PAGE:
5 Facebook profile pics that make you look like a tool Profile pics that look like Budweiser ads -- or, say, this photo -- are probably not the best choices for your Facebook page. The self-taken "MySpace shot" makes you look like you have no friends Don't hide behind your friends in the shot that's supposed to show who you are Halloween party photos are awesome -- but not so awesome in late-November Editor's note: Brenna Ehrlich and Andrea Bartz are the sarcastic brains behind humor blog and book Stuff Hipsters Hate. When they're not trolling Brooklyn for new material, Ehrlich works as a news editor at and Bartz holds the same position at Psychology Today. (CNN) -- If a Facebook picture is worth a thousand words, we're pretty sure there's one word in the lexicon you'd be loath to have associated with you: tool. (Unless you're a handyman, in which case, carry on.)

Facebook's new features secretly add apps to your profile When a piece of software is automatically installed on your computer without your knowledge, it's called malware. But what do you call it when Facebook apps are added to your profile without your knowledge? We discovered Wednesday that this is actually happening, and stopping it isn't as easy as checking a box in your privacy settings. If you visit certain sites while logged in to Facebook, an app for those sites will be quietly added to your Facebook profile. Decentralize the web with Diaspora We're fully funded! Check out some of the other great projects on Kickstarter Diaspora - the privacy aware, personally controlled, do-it-all distributed open source social network We are four talented young programmers from NYU’s Courant Institute trying to raise money so we can spend the summer building Diaspora; an open source personal web server that will put individuals in control of their data. What is it?

Facebook Effect on Grades Social media has several effects on academic work — some more positive than others. But what is social networking's overall impact on college students' performance? According to data gathered from several sources by, Facebook and Twitter are used to great benefit — sometimes. FTC chairman shares lawmakers' privacy concerns about Facebook Last month, Reps. Joe Barton (R-Texas) and Edward Markey (D-Mass.) called for the FTC to investigate Facebook's practice of tracking users even after they log out of its site. Facebook collects data when users visit websites that feature its "Like" button, even when the users have logged out of their Facebook accounts. The social-networking site says the data collection is inadvertent.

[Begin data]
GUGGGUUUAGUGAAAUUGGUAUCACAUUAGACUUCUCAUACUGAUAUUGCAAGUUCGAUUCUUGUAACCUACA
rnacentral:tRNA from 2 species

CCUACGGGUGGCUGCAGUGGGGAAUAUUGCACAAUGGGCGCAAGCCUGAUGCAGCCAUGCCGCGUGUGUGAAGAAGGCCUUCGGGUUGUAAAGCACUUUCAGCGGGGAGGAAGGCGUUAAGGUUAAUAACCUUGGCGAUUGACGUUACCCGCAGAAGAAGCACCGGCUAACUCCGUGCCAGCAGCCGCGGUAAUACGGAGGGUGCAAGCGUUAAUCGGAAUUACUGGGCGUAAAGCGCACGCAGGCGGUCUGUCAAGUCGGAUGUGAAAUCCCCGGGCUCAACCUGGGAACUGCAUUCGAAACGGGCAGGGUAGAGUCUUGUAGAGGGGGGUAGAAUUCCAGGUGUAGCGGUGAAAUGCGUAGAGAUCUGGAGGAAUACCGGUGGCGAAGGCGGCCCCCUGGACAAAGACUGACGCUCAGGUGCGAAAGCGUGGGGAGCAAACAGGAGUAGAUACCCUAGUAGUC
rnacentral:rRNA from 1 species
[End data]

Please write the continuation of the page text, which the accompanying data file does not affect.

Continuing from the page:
How Facebook Decides What To Put In Your News Feed – These 10 Secrets Reveal All How does the social media giant decide who and what to put in your feed? Tom Weber conducts a one-month experiment to break the algorithm, discovering 10 of Facebook's biggest secrets. The more digital our daily lives become, the more perplexing the questions seem. The US Sweeps Back to Lead World Gains on Facebook in April 2010 Inside Network has just released the May 2010 edition of the Facebook Global Monitor, our data report presenting the latest traffic and growth stats for Facebook in over 100 countries and regions around the world. This month, we’re seeing that Facebook attracted almost five million new monthly active users from the United States in April, according to this month’s new Global Monitor report, while the social network itself added 25 million new users to 436 million total, an almost 50 percent higher gain than in March. The gain for the US pushed it to a 38.5 percent total penetration, putting it within striking-range of its cultural cousins, the United Kingdom and Australia. But as you can see from the chart, Australia made significant strides of its own in April, as well as Canada, which has a significantly higher penetration of 45.2 percent. As for Germany, the European country has its own dedicated social networks like StudiVZ.